- source
'



how can you tell on the rev band oncce you reach "peak torque power". With stepless gears how do we know which gear to extract most of the power from?
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Old 03-07-2006, 11:14 AM   #35
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your car's power

your car's power specifications usually tell the RPM where peak torque and peak horsepower are achieved. if it's not in the owner's manual, it's out there on the web somewhere, or in car reviews.
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Old 03-07-2006, 11:22 AM   #36
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Yeah, should be in the specs

Yeah, should be in the specs from the dealer somewhere or just randomly online.



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Old 03-07-2006, 11:41 AM   #37
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but... be careful.

but... be careful. efficiency peak doesn't necessarily = torque or hp peak. but i also don't know any more about it to say more than that.

quoted above (my emphasis):

Quote:
ICEs have a strong efficiency peak at some particular horsepower, which is usually some substantial fraction of full horsepower. For example, a 100hp engine might be most efficient at 50hp.
too bad magazines/manufacturers don't also publish their engine's efficiency peaks along with the other performance info.
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Old 03-07-2006, 11:53 AM   #38
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You said torque and

You said torque and horsepower peak, so that's what I posted,
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Old 03-08-2006, 03:24 PM   #39
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115 horse @ 6100 110 lbs/ft@

115 horse @ 6100
110 lbs/ft@ 4500


at 50 km/h (28 mph)

1st gear (max out)
2nd gear (4500)
3rd gear (2500)
4th gear (1800)
5th gear (1200)

I'll get my scangauge soon enough, then i'll know if its better to pulse agressively in 3rd (3000+ to 70km/h) OR switch to 4th and pulse slowly towards 70 km/h (38mph) until rpms reach (2400). I won't bother with 5th -_-;
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Old 08-19-2007, 08:45 PM   #40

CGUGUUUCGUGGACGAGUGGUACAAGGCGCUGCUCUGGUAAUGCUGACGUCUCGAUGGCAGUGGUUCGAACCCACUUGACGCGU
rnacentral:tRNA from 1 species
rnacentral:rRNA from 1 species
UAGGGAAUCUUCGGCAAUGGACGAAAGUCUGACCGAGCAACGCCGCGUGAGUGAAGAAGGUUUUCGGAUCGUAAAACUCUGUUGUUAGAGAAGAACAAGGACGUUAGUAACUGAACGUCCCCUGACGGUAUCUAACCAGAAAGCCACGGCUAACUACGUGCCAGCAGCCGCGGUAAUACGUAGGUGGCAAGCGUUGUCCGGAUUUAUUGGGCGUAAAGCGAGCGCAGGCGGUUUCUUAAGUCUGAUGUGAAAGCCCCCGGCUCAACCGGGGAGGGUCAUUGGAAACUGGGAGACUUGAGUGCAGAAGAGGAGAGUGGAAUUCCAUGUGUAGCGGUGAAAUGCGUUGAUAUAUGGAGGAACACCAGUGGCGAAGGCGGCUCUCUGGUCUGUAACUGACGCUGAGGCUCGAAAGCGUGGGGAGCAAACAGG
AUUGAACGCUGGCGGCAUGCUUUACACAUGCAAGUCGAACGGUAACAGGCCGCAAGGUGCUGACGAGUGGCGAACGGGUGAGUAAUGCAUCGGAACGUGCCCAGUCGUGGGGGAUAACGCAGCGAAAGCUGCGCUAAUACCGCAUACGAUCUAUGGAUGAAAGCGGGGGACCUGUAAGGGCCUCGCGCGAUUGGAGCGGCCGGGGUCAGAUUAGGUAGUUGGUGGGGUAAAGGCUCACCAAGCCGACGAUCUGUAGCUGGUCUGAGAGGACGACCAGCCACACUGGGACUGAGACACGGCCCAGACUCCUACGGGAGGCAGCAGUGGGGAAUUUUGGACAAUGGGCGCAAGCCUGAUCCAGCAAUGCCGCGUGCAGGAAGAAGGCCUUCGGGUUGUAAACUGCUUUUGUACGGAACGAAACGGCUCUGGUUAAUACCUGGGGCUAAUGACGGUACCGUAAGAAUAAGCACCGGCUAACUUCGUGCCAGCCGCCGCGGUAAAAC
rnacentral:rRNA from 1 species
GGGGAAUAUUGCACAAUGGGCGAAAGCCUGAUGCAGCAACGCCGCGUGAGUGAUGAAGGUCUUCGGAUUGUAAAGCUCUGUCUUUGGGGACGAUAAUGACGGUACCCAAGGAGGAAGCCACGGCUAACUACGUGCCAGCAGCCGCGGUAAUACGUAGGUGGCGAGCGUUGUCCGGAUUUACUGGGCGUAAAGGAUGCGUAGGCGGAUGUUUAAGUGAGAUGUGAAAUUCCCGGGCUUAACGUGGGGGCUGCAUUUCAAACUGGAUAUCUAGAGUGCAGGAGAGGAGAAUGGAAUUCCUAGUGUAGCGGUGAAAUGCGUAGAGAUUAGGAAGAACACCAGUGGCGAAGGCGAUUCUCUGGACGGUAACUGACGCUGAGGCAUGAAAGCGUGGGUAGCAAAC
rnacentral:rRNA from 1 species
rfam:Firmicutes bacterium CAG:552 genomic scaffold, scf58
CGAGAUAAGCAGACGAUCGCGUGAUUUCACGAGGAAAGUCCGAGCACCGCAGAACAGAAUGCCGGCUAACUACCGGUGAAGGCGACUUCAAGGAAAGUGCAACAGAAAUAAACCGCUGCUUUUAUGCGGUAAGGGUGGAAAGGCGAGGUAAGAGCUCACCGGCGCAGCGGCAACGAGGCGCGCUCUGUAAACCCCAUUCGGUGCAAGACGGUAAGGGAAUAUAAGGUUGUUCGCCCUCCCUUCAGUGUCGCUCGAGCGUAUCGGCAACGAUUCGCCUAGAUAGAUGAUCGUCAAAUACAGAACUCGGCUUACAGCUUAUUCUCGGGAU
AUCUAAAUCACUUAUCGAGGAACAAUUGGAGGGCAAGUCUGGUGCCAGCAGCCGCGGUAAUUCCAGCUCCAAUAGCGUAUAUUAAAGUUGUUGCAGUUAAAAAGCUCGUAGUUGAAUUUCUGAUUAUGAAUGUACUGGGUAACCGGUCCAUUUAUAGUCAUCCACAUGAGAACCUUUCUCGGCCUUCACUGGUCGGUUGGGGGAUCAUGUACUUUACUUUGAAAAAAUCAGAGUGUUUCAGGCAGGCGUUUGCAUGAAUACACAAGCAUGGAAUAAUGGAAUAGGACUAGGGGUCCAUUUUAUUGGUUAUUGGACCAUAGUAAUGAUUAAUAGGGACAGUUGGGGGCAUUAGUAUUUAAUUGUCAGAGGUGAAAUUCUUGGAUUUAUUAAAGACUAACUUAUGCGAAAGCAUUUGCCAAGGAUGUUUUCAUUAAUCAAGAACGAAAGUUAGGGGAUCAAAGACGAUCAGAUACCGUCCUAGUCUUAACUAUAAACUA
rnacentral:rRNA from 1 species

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Quote:
Originally Posted by MetroMPG View Post
(i'm writing this more because it's interesting than because it's practical...)

pulse & glide in a prius: 109 mpg

this summer, a group of five prius fanatics drove an unmodified 2nd gen prius to a record 109.3 mpg (US) over a 1397 mile marathon on a "loop" of public roads in Pittsburgh. you may have heard about this already. if not, you can read about it here.

they used a driving technique called "pulse and glide" which initially i mistakenly thought was only applicable to the prius hybrid system. i was wrong - it works in theory on any car...

pulse & glide explained

first off, "pulse and glide" is a technique that would probably rarely be used in real world driving in a non-hybrid car. it works like this: let's say you're on a road where you wanted to go 36.5 mph. instead of driving along at a steady 36.5, you accelerate gently to 40 (that's the pulse), and then coast in neutral down to 33 (that's the glide). that's it. rinse and repeat. "pulse" up to 40, "glide" back to 33. repeat. and repeat. and repeat.

you're still averaging 36.5 mph, but it turns out that pulse and glide is significantly more efficient than driving at a steady 36.5. (i'm using 33 to 40 mph because it's the speed described in the hypermiling article linked above.)

[snip]
You're average will actually be less than 36.5. Think about it, your glide time is longer at lower speeds than it is at higher speeds (ie. the amount of time you're gliding at speeds between 36.5mph and 40mph is shorter than the time you are gliding between speeds of 33 and 36.5) Because the slower you go, the less you are being slowed down by wind resistance and rolling resistance. You'd prolly average closer to 35mph, but yeah, that is the general gist of it. But the math is a little more complicated. I also mistakenly thought P&G was exclusively only for complete engine shut off hybrids (ie, the prius) I only recently found out otherwise.